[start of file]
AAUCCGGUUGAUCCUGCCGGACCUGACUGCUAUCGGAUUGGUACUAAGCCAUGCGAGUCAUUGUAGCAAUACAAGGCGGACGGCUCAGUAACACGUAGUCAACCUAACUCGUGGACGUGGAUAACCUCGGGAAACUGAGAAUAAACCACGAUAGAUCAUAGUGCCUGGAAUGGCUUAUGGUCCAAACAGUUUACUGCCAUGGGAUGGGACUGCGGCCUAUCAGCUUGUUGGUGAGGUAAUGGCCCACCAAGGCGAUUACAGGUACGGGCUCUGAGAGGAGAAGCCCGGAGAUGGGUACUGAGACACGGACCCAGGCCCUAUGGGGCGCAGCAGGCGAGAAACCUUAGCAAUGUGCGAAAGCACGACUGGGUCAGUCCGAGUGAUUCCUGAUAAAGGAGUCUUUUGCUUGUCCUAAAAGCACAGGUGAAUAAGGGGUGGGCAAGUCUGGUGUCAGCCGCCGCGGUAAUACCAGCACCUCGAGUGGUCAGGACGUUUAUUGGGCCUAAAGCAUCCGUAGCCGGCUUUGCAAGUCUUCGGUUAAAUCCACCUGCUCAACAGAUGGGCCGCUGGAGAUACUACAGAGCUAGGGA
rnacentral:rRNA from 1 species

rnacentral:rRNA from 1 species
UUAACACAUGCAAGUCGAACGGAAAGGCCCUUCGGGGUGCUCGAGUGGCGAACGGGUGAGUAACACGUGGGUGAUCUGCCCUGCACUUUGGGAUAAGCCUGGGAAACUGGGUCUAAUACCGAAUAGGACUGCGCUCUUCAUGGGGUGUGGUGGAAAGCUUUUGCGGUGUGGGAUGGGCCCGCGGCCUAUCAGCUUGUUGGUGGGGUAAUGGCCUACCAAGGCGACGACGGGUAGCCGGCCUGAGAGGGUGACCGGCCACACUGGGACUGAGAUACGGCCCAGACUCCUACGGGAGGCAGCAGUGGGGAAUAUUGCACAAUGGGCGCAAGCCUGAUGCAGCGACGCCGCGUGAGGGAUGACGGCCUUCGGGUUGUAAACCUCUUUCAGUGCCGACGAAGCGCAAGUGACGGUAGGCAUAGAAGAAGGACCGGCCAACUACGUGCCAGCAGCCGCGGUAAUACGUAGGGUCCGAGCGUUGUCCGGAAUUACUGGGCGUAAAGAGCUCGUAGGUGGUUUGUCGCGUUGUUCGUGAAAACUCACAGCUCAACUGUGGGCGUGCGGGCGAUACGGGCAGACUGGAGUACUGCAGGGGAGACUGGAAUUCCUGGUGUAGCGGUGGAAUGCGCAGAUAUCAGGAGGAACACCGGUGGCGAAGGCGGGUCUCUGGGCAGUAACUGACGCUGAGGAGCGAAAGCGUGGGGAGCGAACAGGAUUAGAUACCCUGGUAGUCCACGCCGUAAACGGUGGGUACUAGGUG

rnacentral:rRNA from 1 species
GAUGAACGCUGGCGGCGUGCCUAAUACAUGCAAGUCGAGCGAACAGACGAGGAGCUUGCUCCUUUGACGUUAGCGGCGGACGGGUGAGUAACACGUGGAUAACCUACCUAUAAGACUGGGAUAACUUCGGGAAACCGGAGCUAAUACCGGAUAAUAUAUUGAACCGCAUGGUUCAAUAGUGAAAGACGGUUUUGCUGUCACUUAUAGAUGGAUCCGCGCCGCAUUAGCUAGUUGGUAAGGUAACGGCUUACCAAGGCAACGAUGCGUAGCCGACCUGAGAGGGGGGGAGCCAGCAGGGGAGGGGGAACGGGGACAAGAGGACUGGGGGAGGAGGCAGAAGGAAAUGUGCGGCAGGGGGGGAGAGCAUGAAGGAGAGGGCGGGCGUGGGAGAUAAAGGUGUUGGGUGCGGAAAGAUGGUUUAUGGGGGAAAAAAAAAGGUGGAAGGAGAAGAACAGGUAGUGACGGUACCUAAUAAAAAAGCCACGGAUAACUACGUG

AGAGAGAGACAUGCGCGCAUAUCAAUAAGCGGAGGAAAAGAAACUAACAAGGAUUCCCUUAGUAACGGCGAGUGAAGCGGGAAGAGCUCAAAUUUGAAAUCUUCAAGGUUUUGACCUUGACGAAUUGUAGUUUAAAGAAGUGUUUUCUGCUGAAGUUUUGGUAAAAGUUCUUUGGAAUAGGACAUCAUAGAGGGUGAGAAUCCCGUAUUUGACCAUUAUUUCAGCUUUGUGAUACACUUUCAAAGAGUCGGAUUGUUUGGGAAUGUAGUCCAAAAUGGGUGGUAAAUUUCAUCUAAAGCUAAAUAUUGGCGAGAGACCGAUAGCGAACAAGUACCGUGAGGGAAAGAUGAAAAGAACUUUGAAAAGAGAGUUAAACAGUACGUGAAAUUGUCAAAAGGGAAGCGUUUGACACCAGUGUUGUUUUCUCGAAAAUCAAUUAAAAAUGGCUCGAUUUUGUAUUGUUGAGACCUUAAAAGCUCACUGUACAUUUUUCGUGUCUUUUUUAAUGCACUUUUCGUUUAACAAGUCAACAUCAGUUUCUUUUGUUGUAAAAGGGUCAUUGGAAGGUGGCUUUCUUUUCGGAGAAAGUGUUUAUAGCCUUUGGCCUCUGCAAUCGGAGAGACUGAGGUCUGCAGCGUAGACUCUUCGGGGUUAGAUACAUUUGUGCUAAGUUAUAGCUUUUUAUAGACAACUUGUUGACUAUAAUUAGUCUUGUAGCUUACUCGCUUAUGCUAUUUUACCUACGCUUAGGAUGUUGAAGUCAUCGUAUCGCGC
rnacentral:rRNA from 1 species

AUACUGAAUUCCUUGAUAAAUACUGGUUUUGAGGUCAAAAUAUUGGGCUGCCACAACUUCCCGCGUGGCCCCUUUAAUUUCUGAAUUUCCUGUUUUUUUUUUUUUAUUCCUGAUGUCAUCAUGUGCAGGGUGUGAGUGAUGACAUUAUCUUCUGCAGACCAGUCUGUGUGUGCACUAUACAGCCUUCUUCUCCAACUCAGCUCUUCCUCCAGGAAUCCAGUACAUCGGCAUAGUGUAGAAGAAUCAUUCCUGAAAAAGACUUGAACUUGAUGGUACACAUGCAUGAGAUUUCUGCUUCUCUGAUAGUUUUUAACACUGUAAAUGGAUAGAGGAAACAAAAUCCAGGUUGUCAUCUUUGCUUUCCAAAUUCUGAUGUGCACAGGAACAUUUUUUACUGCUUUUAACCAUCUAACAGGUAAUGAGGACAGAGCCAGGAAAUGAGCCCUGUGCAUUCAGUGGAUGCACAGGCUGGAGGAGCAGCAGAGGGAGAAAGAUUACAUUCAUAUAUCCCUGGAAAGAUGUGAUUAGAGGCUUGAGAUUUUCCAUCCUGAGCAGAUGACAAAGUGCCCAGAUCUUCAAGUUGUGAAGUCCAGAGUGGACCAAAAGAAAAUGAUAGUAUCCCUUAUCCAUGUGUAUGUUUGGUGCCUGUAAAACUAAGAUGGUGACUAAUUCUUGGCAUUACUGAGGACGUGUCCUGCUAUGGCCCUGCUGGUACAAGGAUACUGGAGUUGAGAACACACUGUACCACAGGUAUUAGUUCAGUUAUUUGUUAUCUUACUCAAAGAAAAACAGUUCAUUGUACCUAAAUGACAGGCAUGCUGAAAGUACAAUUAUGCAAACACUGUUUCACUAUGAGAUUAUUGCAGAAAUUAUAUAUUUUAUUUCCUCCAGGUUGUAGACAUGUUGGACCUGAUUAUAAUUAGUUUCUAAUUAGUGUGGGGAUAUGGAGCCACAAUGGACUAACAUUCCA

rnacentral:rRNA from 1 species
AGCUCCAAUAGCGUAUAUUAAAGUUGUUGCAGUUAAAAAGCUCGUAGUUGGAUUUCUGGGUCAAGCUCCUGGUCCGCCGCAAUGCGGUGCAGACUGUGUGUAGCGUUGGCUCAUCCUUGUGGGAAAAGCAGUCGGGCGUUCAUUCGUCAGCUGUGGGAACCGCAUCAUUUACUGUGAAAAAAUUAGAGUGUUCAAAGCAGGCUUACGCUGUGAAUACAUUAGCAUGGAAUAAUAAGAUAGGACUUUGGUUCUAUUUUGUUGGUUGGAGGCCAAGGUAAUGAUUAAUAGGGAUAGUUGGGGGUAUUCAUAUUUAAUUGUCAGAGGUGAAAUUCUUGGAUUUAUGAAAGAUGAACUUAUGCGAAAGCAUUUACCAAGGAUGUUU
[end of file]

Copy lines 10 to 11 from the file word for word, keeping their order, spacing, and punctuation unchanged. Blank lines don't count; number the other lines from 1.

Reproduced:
rnacentral:rRNA from 1 species
AGCUCCAAUAGCGUAUAUUAAAGUUGUUGCAGUUAAAAAGCUCGUAGUUGGAUUUCUGGGUCAAGCUCCUGGUCCGCCGCAAUGCGGUGCAGACUGUGUGUAGCGUUGGCUCAUCCUUGUGGGAAAAGCAGUCGGGCGUUCAUUCGUCAGCUGUGGGAACCGCAUCAUUUACUGUGAAAAAAUUAGAGUGUUCAAAGCAGGCUUACGCUGUGAAUACAUUAGCAUGGAAUAAUAAGAUAGGACUUUGGUUCUAUUUUGUUGGUUGGAGGCCAAGGUAAUGAUUAAUAGGGAUAGUUGGGGGUAUUCAUAUUUAAUUGUCAGAGGUGAAAUUCUUGGAUUUAUGAAAGAUGAACUUAUGCGAAAGCAUUUACCAAGGAUGUUU